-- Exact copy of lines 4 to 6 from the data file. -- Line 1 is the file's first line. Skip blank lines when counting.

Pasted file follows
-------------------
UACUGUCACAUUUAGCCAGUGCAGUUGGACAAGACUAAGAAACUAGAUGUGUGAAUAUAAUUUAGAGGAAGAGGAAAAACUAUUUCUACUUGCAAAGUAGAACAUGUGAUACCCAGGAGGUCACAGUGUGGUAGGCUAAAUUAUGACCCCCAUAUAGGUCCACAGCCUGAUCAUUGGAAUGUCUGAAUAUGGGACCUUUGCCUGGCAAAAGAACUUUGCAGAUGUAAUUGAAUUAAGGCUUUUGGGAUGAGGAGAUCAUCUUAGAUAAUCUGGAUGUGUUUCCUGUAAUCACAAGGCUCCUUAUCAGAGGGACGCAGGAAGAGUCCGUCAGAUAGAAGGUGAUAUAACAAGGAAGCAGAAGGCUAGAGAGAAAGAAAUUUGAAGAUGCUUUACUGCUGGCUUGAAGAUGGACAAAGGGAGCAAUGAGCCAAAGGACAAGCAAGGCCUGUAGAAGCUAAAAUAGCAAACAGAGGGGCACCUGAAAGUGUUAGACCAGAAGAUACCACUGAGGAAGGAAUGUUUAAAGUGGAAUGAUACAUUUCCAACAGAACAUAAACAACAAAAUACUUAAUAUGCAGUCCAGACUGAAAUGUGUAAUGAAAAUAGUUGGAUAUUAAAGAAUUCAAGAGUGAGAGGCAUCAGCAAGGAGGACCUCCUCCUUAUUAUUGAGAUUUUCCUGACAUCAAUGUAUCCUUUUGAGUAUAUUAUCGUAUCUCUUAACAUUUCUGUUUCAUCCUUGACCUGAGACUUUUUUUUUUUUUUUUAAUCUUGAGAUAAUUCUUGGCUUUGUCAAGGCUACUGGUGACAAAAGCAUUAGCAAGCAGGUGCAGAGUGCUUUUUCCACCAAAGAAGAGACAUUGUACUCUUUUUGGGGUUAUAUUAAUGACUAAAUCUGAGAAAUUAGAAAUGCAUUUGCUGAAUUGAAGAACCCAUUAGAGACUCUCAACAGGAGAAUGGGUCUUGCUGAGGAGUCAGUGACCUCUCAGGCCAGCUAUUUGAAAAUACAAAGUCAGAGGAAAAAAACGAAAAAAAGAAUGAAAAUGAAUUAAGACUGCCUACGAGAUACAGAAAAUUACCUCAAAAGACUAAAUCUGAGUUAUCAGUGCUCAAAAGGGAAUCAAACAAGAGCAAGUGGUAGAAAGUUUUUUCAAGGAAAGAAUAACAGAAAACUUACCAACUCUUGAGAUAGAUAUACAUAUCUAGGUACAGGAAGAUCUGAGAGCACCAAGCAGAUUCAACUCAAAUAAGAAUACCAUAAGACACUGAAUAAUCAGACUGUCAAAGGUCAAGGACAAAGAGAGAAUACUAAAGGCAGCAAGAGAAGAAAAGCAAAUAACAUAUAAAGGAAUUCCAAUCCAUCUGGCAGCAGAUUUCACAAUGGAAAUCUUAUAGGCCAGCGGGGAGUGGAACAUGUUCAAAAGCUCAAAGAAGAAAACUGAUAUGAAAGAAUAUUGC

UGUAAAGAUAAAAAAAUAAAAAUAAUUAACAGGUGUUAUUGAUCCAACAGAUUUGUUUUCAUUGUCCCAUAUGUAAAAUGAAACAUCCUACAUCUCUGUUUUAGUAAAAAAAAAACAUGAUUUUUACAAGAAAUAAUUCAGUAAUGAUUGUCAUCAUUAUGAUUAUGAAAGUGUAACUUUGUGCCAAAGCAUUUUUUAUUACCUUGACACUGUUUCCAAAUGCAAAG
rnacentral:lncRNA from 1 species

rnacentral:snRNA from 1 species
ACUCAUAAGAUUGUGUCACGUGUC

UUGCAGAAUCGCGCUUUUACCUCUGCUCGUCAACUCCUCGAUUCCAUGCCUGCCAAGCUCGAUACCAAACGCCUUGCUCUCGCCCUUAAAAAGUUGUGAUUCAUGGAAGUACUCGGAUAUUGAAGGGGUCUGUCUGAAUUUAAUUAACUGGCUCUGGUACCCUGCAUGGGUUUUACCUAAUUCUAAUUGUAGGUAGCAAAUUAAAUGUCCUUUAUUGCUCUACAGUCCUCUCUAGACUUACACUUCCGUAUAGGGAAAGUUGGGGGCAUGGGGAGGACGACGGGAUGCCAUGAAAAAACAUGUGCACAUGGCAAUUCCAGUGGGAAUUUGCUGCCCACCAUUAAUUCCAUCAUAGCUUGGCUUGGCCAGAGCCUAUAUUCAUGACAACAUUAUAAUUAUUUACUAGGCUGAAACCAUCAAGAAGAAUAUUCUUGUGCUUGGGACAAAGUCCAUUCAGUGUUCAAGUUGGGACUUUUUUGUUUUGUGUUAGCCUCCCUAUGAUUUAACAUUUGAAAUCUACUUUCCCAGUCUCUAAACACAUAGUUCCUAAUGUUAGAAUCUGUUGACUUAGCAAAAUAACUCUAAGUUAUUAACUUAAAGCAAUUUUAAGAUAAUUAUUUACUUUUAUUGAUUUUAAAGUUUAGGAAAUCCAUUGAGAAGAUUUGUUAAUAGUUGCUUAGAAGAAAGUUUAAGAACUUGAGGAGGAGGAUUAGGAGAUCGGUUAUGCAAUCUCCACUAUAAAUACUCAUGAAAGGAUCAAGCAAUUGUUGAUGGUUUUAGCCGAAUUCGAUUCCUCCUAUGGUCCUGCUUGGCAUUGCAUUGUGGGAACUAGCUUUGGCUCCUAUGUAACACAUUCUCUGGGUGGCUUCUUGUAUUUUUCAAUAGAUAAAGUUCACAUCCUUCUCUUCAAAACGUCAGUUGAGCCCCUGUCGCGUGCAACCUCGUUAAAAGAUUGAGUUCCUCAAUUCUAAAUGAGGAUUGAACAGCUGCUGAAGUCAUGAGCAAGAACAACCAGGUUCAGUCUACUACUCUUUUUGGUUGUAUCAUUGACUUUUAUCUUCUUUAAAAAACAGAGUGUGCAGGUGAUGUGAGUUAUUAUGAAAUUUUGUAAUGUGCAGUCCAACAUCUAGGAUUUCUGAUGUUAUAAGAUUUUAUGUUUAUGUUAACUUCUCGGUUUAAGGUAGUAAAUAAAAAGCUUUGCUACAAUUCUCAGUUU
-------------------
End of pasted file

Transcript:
rnacentral:snRNA from 1 species
ACUCAUAAGAUUGUGUCACGUGUC

UUGCAGAAUCGCGCUUUUACCUCUGCUCGUCAACUCCUCGAUUCCAUGCCUGCCAAGCUCGAUACCAAACGCCUUGCUCUCGCCCUUAAAAAGUUGUGAUUCAUGGAAGUACUCGGAUAUUGAAGGGGUCUGUCUGAAUUUAAUUAACUGGCUCUGGUACCCUGCAUGGGUUUUACCUAAUUCUAAUUGUAGGUAGCAAAUUAAAUGUCCUUUAUUGCUCUACAGUCCUCUCUAGACUUACACUUCCGUAUAGGGAAAGUUGGGGGCAUGGGGAGGACGACGGGAUGCCAUGAAAAAACAUGUGCACAUGGCAAUUCCAGUGGGAAUUUGCUGCCCACCAUUAAUUCCAUCAUAGCUUGGCUUGGCCAGAGCCUAUAUUCAUGACAACAUUAUAAUUAUUUACUAGGCUGAAACCAUCAAGAAGAAUAUUCUUGUGCUUGGGACAAAGUCCAUUCAGUGUUCAAGUUGGGACUUUUUUGUUUUGUGUUAGCCUCCCUAUGAUUUAACAUUUGAAAUCUACUUUCCCAGUCUCUAAACACAUAGUUCCUAAUGUUAGAAUCUGUUGACUUAGCAAAAUAACUCUAAGUUAUUAACUUAAAGCAAUUUUAAGAUAAUUAUUUACUUUUAUUGAUUUUAAAGUUUAGGAAAUCCAUUGAGAAGAUUUGUUAAUAGUUGCUUAGAAGAAAGUUUAAGAACUUGAGGAGGAGGAUUAGGAGAUCGGUUAUGCAAUCUCCACUAUAAAUACUCAUGAAAGGAUCAAGCAAUUGUUGAUGGUUUUAGCCGAAUUCGAUUCCUCCUAUGGUCCUGCUUGGCAUUGCAUUGUGGGAACUAGCUUUGGCUCCUAUGUAACACAUUCUCUGGGUGGCUUCUUGUAUUUUUCAAUAGAUAAAGUUCACAUCCUUCUCUUCAAAACGUCAGUUGAGCCCCUGUCGCGUGCAACCUCGUUAAAAGAUUGAGUUCCUCAAUUCUAAAUGAGGAUUGAACAGCUGCUGAAGUCAUGAGCAAGAACAACCAGGUUCAGUCUACUACUCUUUUUGGUUGUAUCAUUGACUUUUAUCUUCUUUAAAAAACAGAGUGUGCAGGUGAUGUGAGUUAUUAUGAAAUUUUGUAAUGUGCAGUCCAACAUCUAGGAUUUCUGAUGUUAUAAGAUUUUAUGUUUAUGUUAACUUCUCGGUUUAAGGUAGUAAAUAAAAAGCUUUGCUACAAUUCUCAGUUU